Lucky there’s a ‘Catholic Guy’: Radio host taps into male zeitgeist
IMAGE: CNS photo/Dave Hrbacek, The Catholic Spirit
By Jonathan Liedl
MINNEAPOLIS (CNS) — Lino Rulli doesn’t have any children of his own. Married two years ago, the 46-year-old and his wife, Jill, are hoping that changes soon.
But the Minnesota native and Catholic media personality is already the pater familias of his own unique brood: a devoted community of listeners to “The Catholic Guy,” a weekday afternoon drive program on Sirius XM Radio’s Catholic Channel, which Rulli has hosted since it started in 2006.
About 200 members of this tight-knit crew came to the Twin Cities Aug. 17-18 for “Catholic Guy Con,” which sold out in 24 hours. The main event consisted of a recorded show and presentations from Rulli and his co-hosts, preceded the night before by a meet-up at a downtown Minneapolis brewpub. Mass celebrated by co-host Father Jim Chern, dinner catered by a St. Paul Italian eatery, and a visit to Rulli’s high school alma mater, Hill-Murray in Maplewood, were other features.
“My biggest takeaway from this experience is just a feeling of gratitude,” said Rulli, who admitted he had no idea the event would be such a success when it was being planned. “I’ve found myself thanking God over and over again for this career, and for our audience, and how lucky I am to be able to be in people’s lives.”
While the event was the first official Catholic Guy Con, for many fans it was not the first time they had gathered with each other and Rulli, who hosts several pilgrimages for Catholic Guy devotees each year. One Catholic Guy Con attendee had been on five.
But for listeners like Chuck Fanelli, who went to the Holy Land with Rulli in 2017, Catholic Guy Con was something special, a unique opportunity to be together with all four current members of the show and hundreds of other Catholic Guy fans.
“I said there’s no way I’m missing this,” recalled the 33-year-old New Jersey native, who has listened to every episode of “The Catholic Guy” since he first came across the program two years ago — and still came even after he found out his wife was due to deliver their third child only days after the fan fest.
“(The Catholic Guy community) energizes me, renews my faith, and really helps me get back to being a better husband and father,” said Fanelli, who made it home in time for the birth of his son, Michael Paul. “We all feel like family. A big, weird family.”
For many Catholic Guy followers, the show provides the type of community they don’t find elsewhere. When they listen to “The Catholic Guy,” they’re plugged into a relatable community of Catholics, and are encouraged in their Catholic faith.
During the show recording at a Minneapolis comedy club, attendees wore shirts with Catholic Guy catch-phrases, tweeted from Twitter accounts named after on-air gags, and called on Rulli to play favorite sound bites from the show.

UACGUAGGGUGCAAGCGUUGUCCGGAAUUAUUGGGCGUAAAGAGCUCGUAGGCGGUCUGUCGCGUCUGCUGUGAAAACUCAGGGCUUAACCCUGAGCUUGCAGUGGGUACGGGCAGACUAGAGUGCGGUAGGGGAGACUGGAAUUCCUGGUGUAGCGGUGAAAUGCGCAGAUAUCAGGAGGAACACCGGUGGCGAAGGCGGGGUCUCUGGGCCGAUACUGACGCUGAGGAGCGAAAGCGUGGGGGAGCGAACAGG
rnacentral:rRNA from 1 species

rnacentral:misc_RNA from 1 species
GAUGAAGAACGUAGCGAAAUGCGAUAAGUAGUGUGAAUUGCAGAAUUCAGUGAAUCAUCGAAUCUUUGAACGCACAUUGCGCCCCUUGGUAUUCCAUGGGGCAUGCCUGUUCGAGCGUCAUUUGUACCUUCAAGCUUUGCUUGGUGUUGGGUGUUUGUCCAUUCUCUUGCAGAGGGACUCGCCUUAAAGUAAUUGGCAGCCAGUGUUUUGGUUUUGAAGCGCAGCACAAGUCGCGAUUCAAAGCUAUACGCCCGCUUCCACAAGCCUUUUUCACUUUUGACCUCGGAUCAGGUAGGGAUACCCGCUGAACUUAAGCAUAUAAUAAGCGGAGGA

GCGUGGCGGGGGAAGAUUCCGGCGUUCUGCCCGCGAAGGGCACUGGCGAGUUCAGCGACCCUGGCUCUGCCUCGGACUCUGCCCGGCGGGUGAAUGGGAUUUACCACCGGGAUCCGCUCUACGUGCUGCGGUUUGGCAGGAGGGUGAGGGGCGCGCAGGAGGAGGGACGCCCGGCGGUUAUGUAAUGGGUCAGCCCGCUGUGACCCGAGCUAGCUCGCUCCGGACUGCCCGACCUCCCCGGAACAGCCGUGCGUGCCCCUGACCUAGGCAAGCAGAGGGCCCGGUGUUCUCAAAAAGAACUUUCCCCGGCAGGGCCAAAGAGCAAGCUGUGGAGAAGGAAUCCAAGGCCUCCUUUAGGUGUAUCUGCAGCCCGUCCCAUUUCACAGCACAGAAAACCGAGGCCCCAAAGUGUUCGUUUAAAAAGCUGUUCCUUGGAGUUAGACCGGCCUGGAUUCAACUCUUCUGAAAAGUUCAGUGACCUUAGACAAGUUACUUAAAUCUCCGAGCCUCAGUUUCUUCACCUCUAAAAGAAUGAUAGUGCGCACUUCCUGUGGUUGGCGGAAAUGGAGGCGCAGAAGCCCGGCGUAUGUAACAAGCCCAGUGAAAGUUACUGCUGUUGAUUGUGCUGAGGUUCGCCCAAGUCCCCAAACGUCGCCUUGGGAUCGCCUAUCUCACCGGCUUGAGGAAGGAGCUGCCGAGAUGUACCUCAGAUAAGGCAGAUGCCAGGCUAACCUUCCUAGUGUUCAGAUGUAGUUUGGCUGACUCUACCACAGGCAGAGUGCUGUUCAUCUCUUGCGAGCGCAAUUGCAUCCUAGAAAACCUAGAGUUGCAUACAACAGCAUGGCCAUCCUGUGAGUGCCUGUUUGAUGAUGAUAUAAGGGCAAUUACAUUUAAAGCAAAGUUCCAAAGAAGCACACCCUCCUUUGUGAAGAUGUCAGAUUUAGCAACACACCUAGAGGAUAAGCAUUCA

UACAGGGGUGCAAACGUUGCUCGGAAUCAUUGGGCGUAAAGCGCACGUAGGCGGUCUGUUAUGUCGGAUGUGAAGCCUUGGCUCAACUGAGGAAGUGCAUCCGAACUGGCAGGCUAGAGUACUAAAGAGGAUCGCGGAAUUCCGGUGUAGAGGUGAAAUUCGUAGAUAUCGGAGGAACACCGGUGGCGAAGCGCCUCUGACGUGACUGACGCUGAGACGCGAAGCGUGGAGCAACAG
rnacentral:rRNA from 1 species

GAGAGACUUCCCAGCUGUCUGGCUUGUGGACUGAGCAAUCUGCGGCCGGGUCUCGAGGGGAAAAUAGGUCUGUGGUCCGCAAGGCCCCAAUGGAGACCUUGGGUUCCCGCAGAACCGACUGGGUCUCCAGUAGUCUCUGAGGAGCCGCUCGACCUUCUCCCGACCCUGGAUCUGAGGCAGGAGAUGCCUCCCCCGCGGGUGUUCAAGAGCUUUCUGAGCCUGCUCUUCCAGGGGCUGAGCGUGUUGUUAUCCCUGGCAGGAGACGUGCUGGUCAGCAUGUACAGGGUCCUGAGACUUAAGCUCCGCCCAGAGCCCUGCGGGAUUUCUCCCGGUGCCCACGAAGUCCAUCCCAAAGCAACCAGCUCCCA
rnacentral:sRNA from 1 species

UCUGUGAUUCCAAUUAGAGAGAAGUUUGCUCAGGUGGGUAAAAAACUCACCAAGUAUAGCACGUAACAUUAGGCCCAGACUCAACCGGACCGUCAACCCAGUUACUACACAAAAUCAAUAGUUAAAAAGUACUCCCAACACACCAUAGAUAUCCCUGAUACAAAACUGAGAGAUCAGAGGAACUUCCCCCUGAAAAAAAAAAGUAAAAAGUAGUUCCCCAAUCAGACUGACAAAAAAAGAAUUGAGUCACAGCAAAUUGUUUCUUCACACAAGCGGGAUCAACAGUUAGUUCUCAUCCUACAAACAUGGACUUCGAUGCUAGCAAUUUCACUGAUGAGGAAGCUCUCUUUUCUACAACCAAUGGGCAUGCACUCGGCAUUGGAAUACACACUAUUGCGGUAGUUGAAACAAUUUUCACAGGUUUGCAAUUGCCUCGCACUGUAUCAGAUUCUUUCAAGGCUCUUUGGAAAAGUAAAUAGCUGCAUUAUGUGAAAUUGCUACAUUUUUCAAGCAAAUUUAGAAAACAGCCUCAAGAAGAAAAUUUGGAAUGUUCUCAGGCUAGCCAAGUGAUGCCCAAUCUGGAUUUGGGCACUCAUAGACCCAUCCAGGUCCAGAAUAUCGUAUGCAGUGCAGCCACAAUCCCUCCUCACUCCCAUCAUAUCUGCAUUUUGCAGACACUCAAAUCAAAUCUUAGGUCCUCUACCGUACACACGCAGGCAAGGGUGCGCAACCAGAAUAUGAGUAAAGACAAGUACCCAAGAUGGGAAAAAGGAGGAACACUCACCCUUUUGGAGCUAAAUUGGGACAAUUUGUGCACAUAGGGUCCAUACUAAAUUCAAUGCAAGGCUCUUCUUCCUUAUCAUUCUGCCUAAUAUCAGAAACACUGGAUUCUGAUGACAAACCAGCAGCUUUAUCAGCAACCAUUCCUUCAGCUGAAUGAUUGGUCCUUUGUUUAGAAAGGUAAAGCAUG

“Wow, I feel like I’m the leader of my own cult,” joked Tyler Veghte, the show’s quirky but beloved atheist producer, after attendees sang along by heart to the musical introduction of the popular “What’s on Tyler’s Mind?” segment.
But while Veghte and co-hosts Father Chern and Mark Hart have their own unique followings among fans, make no mistake about it: “The Catholic Guy” begins and ends with Rulli, the Catholic Guy himself.
The show is infused with his personality, from the sarcastic, self-deprecating sense of humor that targets his big nose and his co-hosts alike, to the soundtrack provided by the Foo Fighters, his favorite band.
The show’s approach to Catholicism is also Rulli’s own. He believes being Catholic shouldn’t be “compartmentalized,” and mixes faith freely on air with humor and discussions on everything from sports to what he’s watching on Netflix. It’s this playful and occasionally irreverent style that makes “The Catholic Guy” “your home for pure Catholic pleasure,” as its tagline states.
But the show isn’t all laughs. For Rulli, who has won three Emmy awards for his previous media work as a television host and producer, it’s also a craft he takes seriously. As his co-hosts noted at Catholic Guy Con, Rulli’s goal is first and foremost to make a great radio show, one that normal people will want to listen to.
Rulli acknowledged this might be especially important now, in the midst of the unfolding crisis of cover-ups of clerical sex abuse. He briefly addressed the controversy on-air recently, but also recognizes that his program has a different role to play than news analysis.
“I think people need a respite from the bad news,” he said. “So, without saying it explicitly, every day I go on the air and say — in as entertaining a way as possible — ‘Here’s why I’m Catholic. Here’s why I love it. In spite of it all, here’s what’s beautiful and true about the faith.'”
“The bottom line is I host a funny Catholic radio show,” Rulli told The Catholic Spirit, newspaper of the Archdiocese of St. Paul and Minneapolis. “That’s what I get paid to do and people seem to enjoy it.”
Rulli began honing the skills from his days in theater at Hill-Murray, to the campus radio program he hosted at St. John’s University in Collegeville, where he earned a bachelor’s degree in communications and a master’s in theology. Rulli also got his television start in the Twin Cities, working for WCCO and KMSP before launching “Generation Cross,” a Catholic TV show that combined fun and faith.
Though Rulli now resides in New York City, where he also serves as media advisor to Cardinal Timothy M. Dolan of New York, he says his Minnesota upbringing shapes the way he sees the world and the church. As he put it, “If it wasn’t for my time on TV here, there wouldn’t be ‘The Catholic Guy’ show anywhere.”
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Liedl writes for The Catholic Spirit, newspaper of the Archdiocese of St. Paul and Minneapolis.
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